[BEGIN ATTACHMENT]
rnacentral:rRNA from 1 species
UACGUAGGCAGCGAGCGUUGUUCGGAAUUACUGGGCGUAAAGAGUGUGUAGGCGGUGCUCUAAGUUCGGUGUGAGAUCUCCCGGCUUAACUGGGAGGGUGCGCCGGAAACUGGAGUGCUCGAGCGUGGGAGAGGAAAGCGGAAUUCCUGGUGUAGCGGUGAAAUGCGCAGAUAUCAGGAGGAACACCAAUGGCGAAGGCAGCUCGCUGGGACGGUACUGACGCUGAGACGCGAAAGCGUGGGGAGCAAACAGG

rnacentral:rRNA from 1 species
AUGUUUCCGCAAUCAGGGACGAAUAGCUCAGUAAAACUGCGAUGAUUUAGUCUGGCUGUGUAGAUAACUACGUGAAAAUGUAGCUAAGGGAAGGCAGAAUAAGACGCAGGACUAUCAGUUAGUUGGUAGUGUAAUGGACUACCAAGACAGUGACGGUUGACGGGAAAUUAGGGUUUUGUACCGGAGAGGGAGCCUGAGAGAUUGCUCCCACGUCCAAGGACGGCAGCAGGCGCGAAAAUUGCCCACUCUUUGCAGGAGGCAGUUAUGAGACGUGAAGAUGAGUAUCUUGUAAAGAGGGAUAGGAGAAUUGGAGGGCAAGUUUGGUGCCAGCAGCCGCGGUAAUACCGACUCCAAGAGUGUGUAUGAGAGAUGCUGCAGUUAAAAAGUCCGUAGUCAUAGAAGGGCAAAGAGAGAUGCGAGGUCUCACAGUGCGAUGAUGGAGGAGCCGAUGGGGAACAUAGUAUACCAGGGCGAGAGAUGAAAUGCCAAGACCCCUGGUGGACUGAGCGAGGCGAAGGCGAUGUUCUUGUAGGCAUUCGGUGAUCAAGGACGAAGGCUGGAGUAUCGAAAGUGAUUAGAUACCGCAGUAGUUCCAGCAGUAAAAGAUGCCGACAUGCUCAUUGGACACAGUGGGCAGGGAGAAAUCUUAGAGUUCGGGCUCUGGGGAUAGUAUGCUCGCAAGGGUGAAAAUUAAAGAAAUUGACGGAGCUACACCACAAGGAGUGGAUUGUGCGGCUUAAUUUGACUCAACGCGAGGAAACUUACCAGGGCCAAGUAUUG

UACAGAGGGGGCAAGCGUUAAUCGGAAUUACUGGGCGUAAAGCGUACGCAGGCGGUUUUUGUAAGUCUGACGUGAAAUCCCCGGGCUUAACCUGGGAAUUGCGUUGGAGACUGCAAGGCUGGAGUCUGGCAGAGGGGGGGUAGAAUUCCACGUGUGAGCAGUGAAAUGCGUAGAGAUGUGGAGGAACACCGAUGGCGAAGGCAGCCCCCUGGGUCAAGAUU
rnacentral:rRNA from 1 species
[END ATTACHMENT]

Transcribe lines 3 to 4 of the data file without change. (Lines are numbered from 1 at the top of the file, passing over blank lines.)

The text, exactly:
rnacentral:rRNA from 1 species
AUGUUUCCGCAAUCAGGGACGAAUAGCUCAGUAAAACUGCGAUGAUUUAGUCUGGCUGUGUAGAUAACUACGUGAAAAUGUAGCUAAGGGAAGGCAGAAUAAGACGCAGGACUAUCAGUUAGUUGGUAGUGUAAUGGACUACCAAGACAGUGACGGUUGACGGGAAAUUAGGGUUUUGUACCGGAGAGGGAGCCUGAGAGAUUGCUCCCACGUCCAAGGACGGCAGCAGGCGCGAAAAUUGCCCACUCUUUGCAGGAGGCAGUUAUGAGACGUGAAGAUGAGUAUCUUGUAAAGAGGGAUAGGAGAAUUGGAGGGCAAGUUUGGUGCCAGCAGCCGCGGUAAUACCGACUCCAAGAGUGUGUAUGAGAGAUGCUGCAGUUAAAAAGUCCGUAGUCAUAGAAGGGCAAAGAGAGAUGCGAGGUCUCACAGUGCGAUGAUGGAGGAGCCGAUGGGGAACAUAGUAUACCAGGGCGAGAGAUGAAAUGCCAAGACCCCUGGUGGACUGAGCGAGGCGAAGGCGAUGUUCUUGUAGGCAUUCGGUGAUCAAGGACGAAGGCUGGAGUAUCGAAAGUGAUUAGAUACCGCAGUAGUUCCAGCAGUAAAAGAUGCCGACAUGCUCAUUGGACACAGUGGGCAGGGAGAAAUCUUAGAGUUCGGGCUCUGGGGAUAGUAUGCUCGCAAGGGUGAAAAUUAAAGAAAUUGACGGAGCUACACCACAAGGAGUGGAUUGUGCGGCUUAAUUUGACUCAACGCGAGGAAACUUACCAGGGCCAAGUAUUG